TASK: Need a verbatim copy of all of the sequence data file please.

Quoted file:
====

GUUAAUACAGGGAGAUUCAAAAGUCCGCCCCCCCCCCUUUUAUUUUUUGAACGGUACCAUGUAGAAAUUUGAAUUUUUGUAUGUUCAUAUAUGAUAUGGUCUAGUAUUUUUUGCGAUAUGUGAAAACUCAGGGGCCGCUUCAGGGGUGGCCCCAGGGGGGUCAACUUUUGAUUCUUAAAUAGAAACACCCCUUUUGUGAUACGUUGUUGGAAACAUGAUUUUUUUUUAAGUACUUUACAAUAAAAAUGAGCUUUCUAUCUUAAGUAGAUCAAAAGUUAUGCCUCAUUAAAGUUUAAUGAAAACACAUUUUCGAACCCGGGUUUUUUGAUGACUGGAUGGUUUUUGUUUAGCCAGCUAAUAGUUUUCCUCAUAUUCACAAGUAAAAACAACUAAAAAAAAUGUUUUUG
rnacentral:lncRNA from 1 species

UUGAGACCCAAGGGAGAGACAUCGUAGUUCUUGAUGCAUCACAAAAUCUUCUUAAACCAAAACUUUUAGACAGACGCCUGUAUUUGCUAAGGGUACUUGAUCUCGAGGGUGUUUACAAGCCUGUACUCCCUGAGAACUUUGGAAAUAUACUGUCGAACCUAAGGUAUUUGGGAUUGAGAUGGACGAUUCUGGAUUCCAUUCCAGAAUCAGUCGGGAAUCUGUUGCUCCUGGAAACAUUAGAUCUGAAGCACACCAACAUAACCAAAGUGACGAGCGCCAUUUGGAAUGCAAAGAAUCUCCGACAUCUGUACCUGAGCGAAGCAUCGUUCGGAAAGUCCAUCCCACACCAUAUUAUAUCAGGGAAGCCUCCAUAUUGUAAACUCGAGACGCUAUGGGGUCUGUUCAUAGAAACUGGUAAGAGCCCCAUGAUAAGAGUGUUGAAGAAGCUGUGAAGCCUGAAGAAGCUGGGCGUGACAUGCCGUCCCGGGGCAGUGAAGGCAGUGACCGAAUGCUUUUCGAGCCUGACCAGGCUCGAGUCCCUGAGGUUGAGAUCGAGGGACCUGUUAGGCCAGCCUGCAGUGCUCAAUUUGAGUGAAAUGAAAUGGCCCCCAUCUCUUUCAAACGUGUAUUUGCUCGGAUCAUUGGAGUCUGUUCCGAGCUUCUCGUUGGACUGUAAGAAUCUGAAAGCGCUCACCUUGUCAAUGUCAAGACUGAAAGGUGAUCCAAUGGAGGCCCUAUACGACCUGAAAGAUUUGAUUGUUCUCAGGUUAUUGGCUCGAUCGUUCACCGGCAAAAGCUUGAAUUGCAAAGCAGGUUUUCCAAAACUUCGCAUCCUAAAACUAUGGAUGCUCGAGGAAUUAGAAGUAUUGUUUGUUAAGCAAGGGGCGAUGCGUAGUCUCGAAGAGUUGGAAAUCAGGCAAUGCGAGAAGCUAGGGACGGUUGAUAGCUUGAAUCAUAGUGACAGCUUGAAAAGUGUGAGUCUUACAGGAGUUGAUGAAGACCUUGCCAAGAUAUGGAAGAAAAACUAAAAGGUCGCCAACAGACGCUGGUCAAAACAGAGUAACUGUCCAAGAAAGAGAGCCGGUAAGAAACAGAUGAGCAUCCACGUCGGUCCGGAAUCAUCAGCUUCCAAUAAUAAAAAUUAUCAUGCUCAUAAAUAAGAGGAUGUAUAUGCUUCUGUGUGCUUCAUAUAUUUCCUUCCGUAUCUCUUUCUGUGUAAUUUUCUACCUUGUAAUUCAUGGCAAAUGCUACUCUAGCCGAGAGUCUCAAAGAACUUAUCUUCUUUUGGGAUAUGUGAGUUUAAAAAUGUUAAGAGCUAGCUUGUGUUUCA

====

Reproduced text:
GUUAAUACAGGGAGAUUCAAAAGUCCGCCCCCCCCCCUUUUAUUUUUUGAACGGUACCAUGUAGAAAUUUGAAUUUUUGUAUGUUCAUAUAUGAUAUGGUCUAGUAUUUUUUGCGAUAUGUGAAAACUCAGGGGCCGCUUCAGGGGUGGCCCCAGGGGGGUCAACUUUUGAUUCUUAAAUAGAAACACCCCUUUUGUGAUACGUUGUUGGAAACAUGAUUUUUUUUUAAGUACUUUACAAUAAAAAUGAGCUUUCUAUCUUAAGUAGAUCAAAAGUUAUGCCUCAUUAAAGUUUAAUGAAAACACAUUUUCGAACCCGGGUUUUUUGAUGACUGGAUGGUUUUUGUUUAGCCAGCUAAUAGUUUUCCUCAUAUUCACAAGUAAAAACAACUAAAAAAAAUGUUUUUG
rnacentral:lncRNA from 1 species

UUGAGACCCAAGGGAGAGACAUCGUAGUUCUUGAUGCAUCACAAAAUCUUCUUAAACCAAAACUUUUAGACAGACGCCUGUAUUUGCUAAGGGUACUUGAUCUCGAGGGUGUUUACAAGCCUGUACUCCCUGAGAACUUUGGAAAUAUACUGUCGAACCUAAGGUAUUUGGGAUUGAGAUGGACGAUUCUGGAUUCCAUUCCAGAAUCAGUCGGGAAUCUGUUGCUCCUGGAAACAUUAGAUCUGAAGCACACCAACAUAACCAAAGUGACGAGCGCCAUUUGGAAUGCAAAGAAUCUCCGACAUCUGUACCUGAGCGAAGCAUCGUUCGGAAAGUCCAUCCCACACCAUAUUAUAUCAGGGAAGCCUCCAUAUUGUAAACUCGAGACGCUAUGGGGUCUGUUCAUAGAAACUGGUAAGAGCCCCAUGAUAAGAGUGUUGAAGAAGCUGUGAAGCCUGAAGAAGCUGGGCGUGACAUGCCGUCCCGGGGCAGUGAAGGCAGUGACCGAAUGCUUUUCGAGCCUGACCAGGCUCGAGUCCCUGAGGUUGAGAUCGAGGGACCUGUUAGGCCAGCCUGCAGUGCUCAAUUUGAGUGAAAUGAAAUGGCCCCCAUCUCUUUCAAACGUGUAUUUGCUCGGAUCAUUGGAGUCUGUUCCGAGCUUCUCGUUGGACUGUAAGAAUCUGAAAGCGCUCACCUUGUCAAUGUCAAGACUGAAAGGUGAUCCAAUGGAGGCCCUAUACGACCUGAAAGAUUUGAUUGUUCUCAGGUUAUUGGCUCGAUCGUUCACCGGCAAAAGCUUGAAUUGCAAAGCAGGUUUUCCAAAACUUCGCAUCCUAAAACUAUGGAUGCUCGAGGAAUUAGAAGUAUUGUUUGUUAAGCAAGGGGCGAUGCGUAGUCUCGAAGAGUUGGAAAUCAGGCAAUGCGAGAAGCUAGGGACGGUUGAUAGCUUGAAUCAUAGUGACAGCUUGAAAAGUGUGAGUCUUACAGGAGUUGAUGAAGACCUUGCCAAGAUAUGGAAGAAAAACUAAAAGGUCGCCAACAGACGCUGGUCAAAACAGAGUAACUGUCCAAGAAAGAGAGCCGGUAAGAAACAGAUGAGCAUCCACGUCGGUCCGGAAUCAUCAGCUUCCAAUAAUAAAAAUUAUCAUGCUCAUAAAUAAGAGGAUGUAUAUGCUUCUGUGUGCUUCAUAUAUUUCCUUCCGUAUCUCUUUCUGUGUAAUUUUCUACCUUGUAAUUCAUGGCAAAUGCUACUCUAGCCGAGAGUCUCAAAGAACUUAUCUUCUUUUGGGAUAUGUGAGUUUAAAAAUGUUAAGAGCUAGCUUGUGUUUCA